'We'll go in the back way,' said Snape. 'I have no good reason to be there, particularly at this hour. And you have no reason at all.'
Lupin simply nodded his agreement and followed. Snape turned directly left out of the alley and headed up the road until they were some distance from their destination. Only then did they cross the road and head back into the dark backstreets. Lupin was starting to wonder how Snape knew them that well. In a little time they were slipping in by a back door ('the one the cleaners use,' according to Snape) and creeping down a utility corridor.
'Where are we heading?' whispered Lupin.
'The conference room,' replied Snape. 'It's where all the most secret meetings are held and very few people are ever allowed in. If there's anything to discover, it'll be there.'
'Have you ever been in there?'
Snape was pale, Lupin realised, paler than usual. Nervous, he supposed, though it wasn't betrayed in any other way. There hadn't been so much as a tremble of a finger the whole time, just a waxy pallor under the lank strings of hair. Given the consequences, of course, Lupin realised that the man had good reason to worry. He, Lupin, was just a spy; Snape was a traitor.
The utility corridor ended in a door, which Snape opened a crack and peered out of before opening it further and motioning Lupin to follow him.
'There's never usually anyone around at this time as far as I’ve seen,' he said softly. 'Come on.'
He led Lupin quickly to a padded door. Lupin was reminded of the door to M's office and supposed what happened behind both was fairly similar really. Snape indicated an unlit red bulb above the door.
'If anything was going on in there it would be on,' he said. 'He hates to be disturbed.'
He still opened the door cautiously, though, peering through the gap before opening it fully and beckoning Lupin to follow him. They had only just closed the door behind them when footsteps approached from around the corner in the corridor they had just left. It was more than one pair of feet too, judging by the sound. Snape's head whipped up in sudden alarm.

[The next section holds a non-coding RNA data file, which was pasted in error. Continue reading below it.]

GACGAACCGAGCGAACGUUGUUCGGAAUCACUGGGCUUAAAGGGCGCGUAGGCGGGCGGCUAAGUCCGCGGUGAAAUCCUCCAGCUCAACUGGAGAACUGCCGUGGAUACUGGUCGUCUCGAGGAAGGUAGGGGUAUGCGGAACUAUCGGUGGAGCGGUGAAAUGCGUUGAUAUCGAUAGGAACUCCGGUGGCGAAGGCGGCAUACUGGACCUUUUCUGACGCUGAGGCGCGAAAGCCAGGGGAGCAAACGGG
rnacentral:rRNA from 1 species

'They're coming in here,' he muttered. 'There's nowhere else down this way.' He spat out a word Lupin didn't know. It sounded like a curse.
'Is there another way out?' asked Lupin, glancing about. He couldn't see anything useful.
'Quickly!' hissed Snape. 'In here!'
He grabbed Lupin's shoulder and hauled him through a drab-looking door in the corner of the room. It was a broom cupboard, Lupin managed to see just before Snape pulled the door shut and the light was gone. There was little enough room for one person, let alone two adult males. Lupin stood as far back towards the wall as he could but it didn't help.
'Do you have to hide?' he whispered. 'There's not much space.'
'It would be very suspicious if I were to be discovered just casually 'hanging around' in there. It's strictly for the inner circle only; an honour I have not yet achieved.' He shifted slightly against Lupin. 'Of course, if they are to have a meeting this could be a fortuitous coincidence. We may hear something to our advantage.'
'Doesn't stop it being damned uncomfortable,' muttered Lupin, wishing that the other man was not quite so close. It simply was not decent.
'Afraid you'll catch something?' Snape whispered back with a sharp edge of sarcasm. 'Be still. If you knock something over we'll be the proverbial rats in the barrel.'
Lupin saw the sense in that at least and stopped trying to make room for himself in the tiny little space. It was tall enough for the both of them but narrow. Snape had his back to the wall to the right of the door while Lupin, in an effort to avoid the brooms and mops leaning against the opposite wall, was standing about as close to him as it was possible to.
'Not a sound now,' Snape warned in a low whisper, 'they're coming in.'
Chapter Four: Small Spaces and Close Encounters